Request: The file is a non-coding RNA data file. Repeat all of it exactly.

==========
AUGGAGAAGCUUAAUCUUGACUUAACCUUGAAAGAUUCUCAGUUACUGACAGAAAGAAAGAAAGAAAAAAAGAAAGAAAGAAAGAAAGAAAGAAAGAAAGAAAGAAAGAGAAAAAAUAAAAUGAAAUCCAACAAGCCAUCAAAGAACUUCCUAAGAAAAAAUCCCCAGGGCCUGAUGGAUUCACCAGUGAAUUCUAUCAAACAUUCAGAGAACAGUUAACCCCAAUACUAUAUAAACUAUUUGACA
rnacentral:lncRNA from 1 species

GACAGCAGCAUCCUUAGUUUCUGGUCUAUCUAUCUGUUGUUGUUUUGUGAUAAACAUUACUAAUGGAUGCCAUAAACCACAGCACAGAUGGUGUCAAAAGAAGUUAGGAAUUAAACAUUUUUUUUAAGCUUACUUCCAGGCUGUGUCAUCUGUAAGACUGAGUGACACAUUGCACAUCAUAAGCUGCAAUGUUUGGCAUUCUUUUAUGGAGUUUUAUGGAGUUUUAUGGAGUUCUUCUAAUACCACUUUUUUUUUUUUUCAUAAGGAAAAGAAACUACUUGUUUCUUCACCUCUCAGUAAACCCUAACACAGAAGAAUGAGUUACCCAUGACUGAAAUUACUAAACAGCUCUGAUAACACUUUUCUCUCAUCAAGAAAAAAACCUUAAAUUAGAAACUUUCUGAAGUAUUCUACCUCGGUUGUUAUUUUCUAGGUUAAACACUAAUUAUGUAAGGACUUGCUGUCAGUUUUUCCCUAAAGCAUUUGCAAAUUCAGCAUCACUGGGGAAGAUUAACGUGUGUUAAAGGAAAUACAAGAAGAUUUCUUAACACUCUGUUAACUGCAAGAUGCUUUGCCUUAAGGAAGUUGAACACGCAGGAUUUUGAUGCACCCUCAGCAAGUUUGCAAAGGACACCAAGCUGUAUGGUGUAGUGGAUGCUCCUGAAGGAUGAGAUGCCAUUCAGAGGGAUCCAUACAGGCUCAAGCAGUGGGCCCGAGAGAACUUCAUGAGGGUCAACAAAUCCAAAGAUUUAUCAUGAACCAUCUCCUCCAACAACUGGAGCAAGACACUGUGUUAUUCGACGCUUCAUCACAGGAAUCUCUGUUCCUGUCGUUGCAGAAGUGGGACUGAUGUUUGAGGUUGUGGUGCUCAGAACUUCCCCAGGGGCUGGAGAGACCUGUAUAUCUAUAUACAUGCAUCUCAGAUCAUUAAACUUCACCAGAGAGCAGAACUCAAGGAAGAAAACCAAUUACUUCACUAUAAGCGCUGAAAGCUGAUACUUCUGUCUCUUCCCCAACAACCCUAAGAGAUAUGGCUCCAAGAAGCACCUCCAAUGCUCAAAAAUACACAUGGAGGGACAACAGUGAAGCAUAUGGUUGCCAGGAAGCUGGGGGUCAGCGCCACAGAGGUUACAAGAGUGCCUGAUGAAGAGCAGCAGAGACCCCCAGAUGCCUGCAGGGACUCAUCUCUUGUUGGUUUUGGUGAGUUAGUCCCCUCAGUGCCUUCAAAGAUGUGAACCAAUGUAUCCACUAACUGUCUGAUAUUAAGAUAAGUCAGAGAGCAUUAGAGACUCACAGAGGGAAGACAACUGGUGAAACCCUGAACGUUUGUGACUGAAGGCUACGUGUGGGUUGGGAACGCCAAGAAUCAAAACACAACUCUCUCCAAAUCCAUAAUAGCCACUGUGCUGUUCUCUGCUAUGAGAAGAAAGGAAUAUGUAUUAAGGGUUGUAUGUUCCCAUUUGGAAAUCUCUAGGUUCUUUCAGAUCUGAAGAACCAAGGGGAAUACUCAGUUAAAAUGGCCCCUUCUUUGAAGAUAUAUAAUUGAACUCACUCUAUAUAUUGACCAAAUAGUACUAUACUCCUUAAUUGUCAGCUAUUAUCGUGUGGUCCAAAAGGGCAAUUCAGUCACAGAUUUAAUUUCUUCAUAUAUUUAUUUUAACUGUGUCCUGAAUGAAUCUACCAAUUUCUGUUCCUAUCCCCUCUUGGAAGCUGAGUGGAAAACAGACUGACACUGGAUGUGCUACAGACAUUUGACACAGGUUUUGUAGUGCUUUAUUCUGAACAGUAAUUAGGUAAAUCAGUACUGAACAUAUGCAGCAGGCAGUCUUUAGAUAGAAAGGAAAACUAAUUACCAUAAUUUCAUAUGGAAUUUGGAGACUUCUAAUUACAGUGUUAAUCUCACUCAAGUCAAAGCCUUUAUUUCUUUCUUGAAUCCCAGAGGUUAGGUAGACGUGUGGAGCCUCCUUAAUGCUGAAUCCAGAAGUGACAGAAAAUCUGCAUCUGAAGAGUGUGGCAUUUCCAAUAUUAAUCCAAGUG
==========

AUGGAGAAGCUUAAUCUUGACUUAACCUUGAAAGAUUCUCAGUUACUGACAGAAAGAAAGAAAGAAAAAAAGAAAGAAAGAAAGAAAGAAAGAAAGAAAGAAAGAAAGAGAAAAAAUAAAAUGAAAUCCAACAAGCCAUCAAAGAACUUCCUAAGAAAAAAUCCCCAGGGCCUGAUGGAUUCACCAGUGAAUUCUAUCAAACAUUCAGAGAACAGUUAACCCCAAUACUAUAUAAACUAUUUGACA
rnacentral:lncRNA from 1 species

GACAGCAGCAUCCUUAGUUUCUGGUCUAUCUAUCUGUUGUUGUUUUGUGAUAAACAUUACUAAUGGAUGCCAUAAACCACAGCACAGAUGGUGUCAAAAGAAGUUAGGAAUUAAACAUUUUUUUUAAGCUUACUUCCAGGCUGUGUCAUCUGUAAGACUGAGUGACACAUUGCACAUCAUAAGCUGCAAUGUUUGGCAUUCUUUUAUGGAGUUUUAUGGAGUUUUAUGGAGUUCUUCUAAUACCACUUUUUUUUUUUUUCAUAAGGAAAAGAAACUACUUGUUUCUUCACCUCUCAGUAAACCCUAACACAGAAGAAUGAGUUACCCAUGACUGAAAUUACUAAACAGCUCUGAUAACACUUUUCUCUCAUCAAGAAAAAAACCUUAAAUUAGAAACUUUCUGAAGUAUUCUACCUCGGUUGUUAUUUUCUAGGUUAAACACUAAUUAUGUAAGGACUUGCUGUCAGUUUUUCCCUAAAGCAUUUGCAAAUUCAGCAUCACUGGGGAAGAUUAACGUGUGUUAAAGGAAAUACAAGAAGAUUUCUUAACACUCUGUUAACUGCAAGAUGCUUUGCCUUAAGGAAGUUGAACACGCAGGAUUUUGAUGCACCCUCAGCAAGUUUGCAAAGGACACCAAGCUGUAUGGUGUAGUGGAUGCUCCUGAAGGAUGAGAUGCCAUUCAGAGGGAUCCAUACAGGCUCAAGCAGUGGGCCCGAGAGAACUUCAUGAGGGUCAACAAAUCCAAAGAUUUAUCAUGAACCAUCUCCUCCAACAACUGGAGCAAGACACUGUGUUAUUCGACGCUUCAUCACAGGAAUCUCUGUUCCUGUCGUUGCAGAAGUGGGACUGAUGUUUGAGGUUGUGGUGCUCAGAACUUCCCCAGGGGCUGGAGAGACCUGUAUAUCUAUAUACAUGCAUCUCAGAUCAUUAAACUUCACCAGAGAGCAGAACUCAAGGAAGAAAACCAAUUACUUCACUAUAAGCGCUGAAAGCUGAUACUUCUGUCUCUUCCCCAACAACCCUAAGAGAUAUGGCUCCAAGAAGCACCUCCAAUGCUCAAAAAUACACAUGGAGGGACAACAGUGAAGCAUAUGGUUGCCAGGAAGCUGGGGGUCAGCGCCACAGAGGUUACAAGAGUGCCUGAUGAAGAGCAGCAGAGACCCCCAGAUGCCUGCAGGGACUCAUCUCUUGUUGGUUUUGGUGAGUUAGUCCCCUCAGUGCCUUCAAAGAUGUGAACCAAUGUAUCCACUAACUGUCUGAUAUUAAGAUAAGUCAGAGAGCAUUAGAGACUCACAGAGGGAAGACAACUGGUGAAACCCUGAACGUUUGUGACUGAAGGCUACGUGUGGGUUGGGAACGCCAAGAAUCAAAACACAACUCUCUCCAAAUCCAUAAUAGCCACUGUGCUGUUCUCUGCUAUGAGAAGAAAGGAAUAUGUAUUAAGGGUUGUAUGUUCCCAUUUGGAAAUCUCUAGGUUCUUUCAGAUCUGAAGAACCAAGGGGAAUACUCAGUUAAAAUGGCCCCUUCUUUGAAGAUAUAUAAUUGAACUCACUCUAUAUAUUGACCAAAUAGUACUAUACUCCUUAAUUGUCAGCUAUUAUCGUGUGGUCCAAAAGGGCAAUUCAGUCACAGAUUUAAUUUCUUCAUAUAUUUAUUUUAACUGUGUCCUGAAUGAAUCUACCAAUUUCUGUUCCUAUCCCCUCUUGGAAGCUGAGUGGAAAACAGACUGACACUGGAUGUGCUACAGACAUUUGACACAGGUUUUGUAGUGCUUUAUUCUGAACAGUAAUUAGGUAAAUCAGUACUGAACAUAUGCAGCAGGCAGUCUUUAGAUAGAAAGGAAAACUAAUUACCAUAAUUUCAUAUGGAAUUUGGAGACUUCUAAUUACAGUGUUAAUCUCACUCAAGUCAAAGCCUUUAUUUCUUUCUUGAAUCCCAGAGGUUAGGUAGACGUGUGGAGCCUCCUUAAUGCUGAAUCCAGAAGUGACAGAAAAUCUGCAUCUGAAGAGUGUGGCAUUUCCAAUAUUAAUCCAAGUG